The analysts at sell side broker Bell Potter have been doing their research to come up with 12 favoured stock picks for clients to buy in 2018. Sell side brokers take fees every time a client trades through them and as such are happy to publicise recommended stock picks. Sell side brokers have also traditionally passed on research to buy side asset managers in order to carry favour with them and as form of soft commission that involves no direct cash payments. However, traditionally the passing on of research has come with an expectation that the asset managers may send…
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The analysts at sell side broker Bell Potter have been doing their research to come up with 12 favoured stock picks for clients to buy in 2018.
Sell side brokers take fees every time a client trades through them and as such are happy to publicise recommended stock picks.
Sell side brokers have also traditionally passed on research to buy side asset managers in order to carry favour with them and as form of soft commission that involves no direct cash payments. However, traditionally the passing on of research has come with an expectation that the asset managers may send some lucrative institutional brokerage business a broker’s way in the future.
The recording of the commission paying processes between asset managers and sell side brokers is an integral part of new reforms introduced across Europe recently under the MiFid II regulatory directive.
Buy-side asset managers (who generally run institutional money) will also run substantial in-house research desks and keep a recommended research list for example, but will tend to keep research close to their chests in an attempt to beat the market. Sometimes though it may be passed on to high-net-worth clients, or others, for example.
Buy-side asset managers also do not conduct any capital markets advisory work such as capital raisings or IPOs. Whereas this work is another lucrative source of income for a sell-side player that commonly earns capital markets services fees from companies they cover under their research teams.
As such sell-side research should be taken with a pinch of salt sometimes, while the constant revision of “price targets” and “ratings” is partly just to get clients or the wider investing public to trade.
But there’s no doubt there are some excellent analysts on the sell side and high-quality research. Therefore some of it is worth paying attention to.
So let’s take a look at Bell Potter’s favourite picks for 2018.
Macquarie Group Ltd (ASX: MQG) – Bell Potter has a $108 “price target” on the investment bank and I’d have to agree it looks decent value today given the outlook.
National Australia Bank Ltd (ASX: NAB) – Bell Potter has a $34.20″ price target” on the bank and “buy” rating.
Suncorp Group Ltd (ASX: SUN) – the broker has a $15 “price target’ on the insurer and “buy” rating.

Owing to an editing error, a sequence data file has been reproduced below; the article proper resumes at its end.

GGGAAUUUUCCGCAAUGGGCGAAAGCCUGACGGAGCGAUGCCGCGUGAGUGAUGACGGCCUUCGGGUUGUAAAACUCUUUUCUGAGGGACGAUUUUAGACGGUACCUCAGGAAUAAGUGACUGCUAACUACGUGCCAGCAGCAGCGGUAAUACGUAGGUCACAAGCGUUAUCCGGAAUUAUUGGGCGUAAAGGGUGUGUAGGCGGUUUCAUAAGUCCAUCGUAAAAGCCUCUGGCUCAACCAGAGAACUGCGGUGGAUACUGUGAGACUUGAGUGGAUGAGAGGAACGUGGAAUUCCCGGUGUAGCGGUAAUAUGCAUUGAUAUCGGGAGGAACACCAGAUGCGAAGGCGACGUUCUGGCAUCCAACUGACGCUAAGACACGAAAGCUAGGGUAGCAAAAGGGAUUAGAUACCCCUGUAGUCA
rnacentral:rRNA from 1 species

BT Investment Management Ltd (ASX: BTT) – the broker has a $15.20 “price target” on the fund manager and “buy” rating.
Janus Henderson Group (ASX: JHG) – Bell Potter has an A$63 “price target” on the international debt, fixed income, and equities manager.
Challenger Financial Group Ltd (ASX: CGF) – the broker has a A$15.75 “price target” on the annuities manager.
Afterpay Touch Group Ltd (ASX: AFY) – the broker has a $7.30 “price target” on the buy now, pay later, consumer credit provider.
Onevue Holdings Ltd (ASX: OVH) – Bell Potter has a $1.10 “price target” on the superannuation platform administrator.
Praemium Ltd (ASX: PPS) – Bell Potter also likes this superannuation platform and investment funds administrator and has a $1 price target on the stock.
MFF Capital Investments Ltd (ASX: MFF) is the former Magellan Flagship Fund which Bell Potter likes thanks to its market-beating track record investing in international equities.
Perpetual Equity Investment Company (ASX: PIC) is liked thanks to its market-beating track record investing in Australian and international equities.
PM Capital Asian Opportunities Fund Ltd (ASX: PAC) is liked thanks to its market-beating track record investing in high-growth Asian equities.
SYNLAIT FPO NZX (ASX: SM1) or Synlait Milk is liked partly due to its role as a supplier to the a2 Milk Company.
a2 Milk Company Ltd (ASX: A2M) is liked in its own right thanks to its opportunity to grow sales of its a2-only-protein infant formula and supermarket milk products overseas.
Nufarm Limited (ASX: NUF) is the agricultural product supplier tipped to do well, with shares changing hands for $8.42 today.
Citadel Group Ltd (ASX: CGL) is a widely-fancied software business and Bell Potter has a bullish $7.50 “price target” on a business selling for $6.38 today.
Technology One Limited (ASX: TNE) is one of the market’s strongest and most established technology and software services business. The broker has a $6.20 “price target” on the stock.
Appen Ltd (ASX: APX) is the digital language translator that has been on a tear over 2017. Bell Potter thinks it’s still good value and has a $9 “price target”.
I think some of the best recommendations above include Technology One, Macquarie and Challenger based on current valuations, although all of them are potentially worth further investigation for investors.
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You can find Tom on Twitter @tommyr345
The Motley Fool Australia owns shares of and has recommended Challenger Limited. The Motley Fool Australia owns shares of A2 Milk, Appen Ltd, Citadel Group Ltd, and National Australia Bank Limited. The Motley Fool Australia has recommended Onevue Holdings Ltd. We Fools may not all hold the same opinions, but we all believe that considering a diverse range of insights makes us better investors. The Motley Fool has a disclosure policy. This article contains general investment advice only (under AFSL 400691). Authorised by Bruce Jackson.